World auto makers sold 5.8 million vehicles in February, an 8.4% increase from like-2010 that marked the third consecutive month of declining growth and the lowest year-over-year gain since August.

Asia auto sales were up an estimated 0.1%, the lowest year over-year growth in at least two years. The region’s share slipped to 42.2% of global sales only a month after grabbing a record 48.9% stake.

China vehicle sales were off 2.3%, the first negative comparison with year-ago levels since the country became the world’s largest auto market at the end of 2009.

Sales in Japan fell 12.4% from year-ago, countering the 18.4% increase in India and contributing to the region’s lackluster growth rate.

An unexpected 27.2% jump in U.S. sales, fostered by widespread incentive spending, lifted North America to a 23% increase over year-ago, despite a 3.9% fall in Canada demand.

The lift gave the region a 20.2% share of global sales, up from 18% the prior February.

Related document: World Vehicle Sales Summary

Europe accounted for 24.9% of the global market, as sales rose 9.5% from year ago. Growth was aided by strong demand in France (13.7%) and Germany (17%) and a 76.7% jump in Russia that lifted the country to the No.3 spot over Italy (-26.5%).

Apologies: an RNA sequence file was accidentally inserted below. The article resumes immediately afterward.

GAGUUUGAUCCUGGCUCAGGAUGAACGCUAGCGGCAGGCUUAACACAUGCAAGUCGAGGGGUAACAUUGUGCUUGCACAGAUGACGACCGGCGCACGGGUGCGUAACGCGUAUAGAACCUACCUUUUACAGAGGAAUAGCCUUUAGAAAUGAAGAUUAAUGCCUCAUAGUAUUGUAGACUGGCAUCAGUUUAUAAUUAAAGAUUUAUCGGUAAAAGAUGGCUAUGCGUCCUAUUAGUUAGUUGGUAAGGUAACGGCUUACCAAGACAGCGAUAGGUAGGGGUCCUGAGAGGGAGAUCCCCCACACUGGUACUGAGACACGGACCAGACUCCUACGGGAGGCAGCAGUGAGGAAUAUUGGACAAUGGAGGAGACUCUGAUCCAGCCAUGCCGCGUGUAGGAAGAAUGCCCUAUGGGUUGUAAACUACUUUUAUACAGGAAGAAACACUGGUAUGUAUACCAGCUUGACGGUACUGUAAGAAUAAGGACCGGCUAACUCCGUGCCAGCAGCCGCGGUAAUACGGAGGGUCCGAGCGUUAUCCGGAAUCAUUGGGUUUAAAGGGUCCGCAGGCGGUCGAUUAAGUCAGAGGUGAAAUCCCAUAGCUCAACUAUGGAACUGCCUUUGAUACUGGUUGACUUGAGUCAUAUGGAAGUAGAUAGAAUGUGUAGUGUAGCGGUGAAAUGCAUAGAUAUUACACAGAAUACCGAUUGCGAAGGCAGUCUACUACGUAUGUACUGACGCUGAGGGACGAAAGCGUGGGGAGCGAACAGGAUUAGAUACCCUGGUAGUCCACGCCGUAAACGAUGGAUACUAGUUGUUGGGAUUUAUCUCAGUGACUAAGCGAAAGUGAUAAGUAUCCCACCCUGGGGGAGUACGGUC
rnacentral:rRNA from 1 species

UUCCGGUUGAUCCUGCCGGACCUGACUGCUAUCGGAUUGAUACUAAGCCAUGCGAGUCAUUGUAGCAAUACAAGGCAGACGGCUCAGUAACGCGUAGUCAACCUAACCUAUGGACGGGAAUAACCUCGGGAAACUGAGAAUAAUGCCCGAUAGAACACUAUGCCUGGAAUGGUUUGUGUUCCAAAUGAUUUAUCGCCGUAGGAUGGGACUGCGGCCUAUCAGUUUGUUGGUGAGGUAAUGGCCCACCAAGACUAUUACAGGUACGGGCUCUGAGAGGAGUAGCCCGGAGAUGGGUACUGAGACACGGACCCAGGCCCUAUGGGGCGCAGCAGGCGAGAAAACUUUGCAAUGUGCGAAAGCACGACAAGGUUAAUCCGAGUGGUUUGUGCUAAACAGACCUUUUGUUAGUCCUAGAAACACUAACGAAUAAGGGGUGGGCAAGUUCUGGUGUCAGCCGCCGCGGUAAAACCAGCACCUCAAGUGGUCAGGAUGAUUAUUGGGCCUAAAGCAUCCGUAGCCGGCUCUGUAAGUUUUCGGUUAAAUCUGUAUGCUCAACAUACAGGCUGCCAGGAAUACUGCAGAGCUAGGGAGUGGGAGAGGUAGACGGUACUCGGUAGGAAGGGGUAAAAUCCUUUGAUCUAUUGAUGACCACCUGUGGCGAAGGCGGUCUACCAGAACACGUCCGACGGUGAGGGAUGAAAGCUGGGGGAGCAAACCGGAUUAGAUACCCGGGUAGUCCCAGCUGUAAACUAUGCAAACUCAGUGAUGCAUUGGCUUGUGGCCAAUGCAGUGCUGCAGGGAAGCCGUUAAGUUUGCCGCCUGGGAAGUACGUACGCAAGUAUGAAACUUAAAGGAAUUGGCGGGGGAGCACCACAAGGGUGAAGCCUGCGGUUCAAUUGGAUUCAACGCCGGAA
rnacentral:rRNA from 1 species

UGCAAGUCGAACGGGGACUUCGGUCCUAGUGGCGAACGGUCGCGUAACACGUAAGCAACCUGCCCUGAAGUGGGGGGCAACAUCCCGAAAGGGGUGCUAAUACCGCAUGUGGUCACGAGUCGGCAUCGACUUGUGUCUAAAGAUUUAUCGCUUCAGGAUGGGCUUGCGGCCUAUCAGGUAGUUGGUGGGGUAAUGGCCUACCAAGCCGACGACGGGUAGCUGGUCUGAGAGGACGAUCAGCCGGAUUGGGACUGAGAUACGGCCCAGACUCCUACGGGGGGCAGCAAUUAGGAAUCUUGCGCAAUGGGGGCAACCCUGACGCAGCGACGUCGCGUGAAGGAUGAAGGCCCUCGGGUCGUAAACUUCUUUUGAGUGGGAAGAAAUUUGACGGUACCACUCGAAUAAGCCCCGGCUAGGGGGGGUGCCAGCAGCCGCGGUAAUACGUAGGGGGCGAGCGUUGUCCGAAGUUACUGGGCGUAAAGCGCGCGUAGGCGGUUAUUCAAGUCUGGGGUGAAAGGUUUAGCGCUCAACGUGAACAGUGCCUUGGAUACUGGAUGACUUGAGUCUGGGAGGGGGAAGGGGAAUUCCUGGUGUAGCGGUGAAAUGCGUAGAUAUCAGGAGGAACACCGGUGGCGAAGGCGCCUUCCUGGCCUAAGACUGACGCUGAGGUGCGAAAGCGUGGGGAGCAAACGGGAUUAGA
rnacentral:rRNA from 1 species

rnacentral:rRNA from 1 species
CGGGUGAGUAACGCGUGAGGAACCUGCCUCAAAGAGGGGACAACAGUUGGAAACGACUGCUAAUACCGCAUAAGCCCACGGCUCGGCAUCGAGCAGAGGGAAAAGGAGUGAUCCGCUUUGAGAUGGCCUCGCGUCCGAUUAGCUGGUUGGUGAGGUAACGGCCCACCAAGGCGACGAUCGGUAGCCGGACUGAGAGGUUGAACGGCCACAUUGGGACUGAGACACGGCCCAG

Brazil sales rebounded from a sluggish January that underperformed year-ago, with a 7.4% increase in volume, while South America overall was up 11%.

February brought year-to-date global sales to 12 million vehicles, a 9.5% jump that normally would point to annual volumes in excess of 80 million units.

However, these numbers, along with upcoming March results, reflect the state of the industry prior to the earthquake-related disasters in Japan that are threatening the global supply chain.

If vehicle production drops markedly in April and beyond, a decline in demand – due to low inventory and rising prices – could cost the industry several million units in sales over the remainder of the year.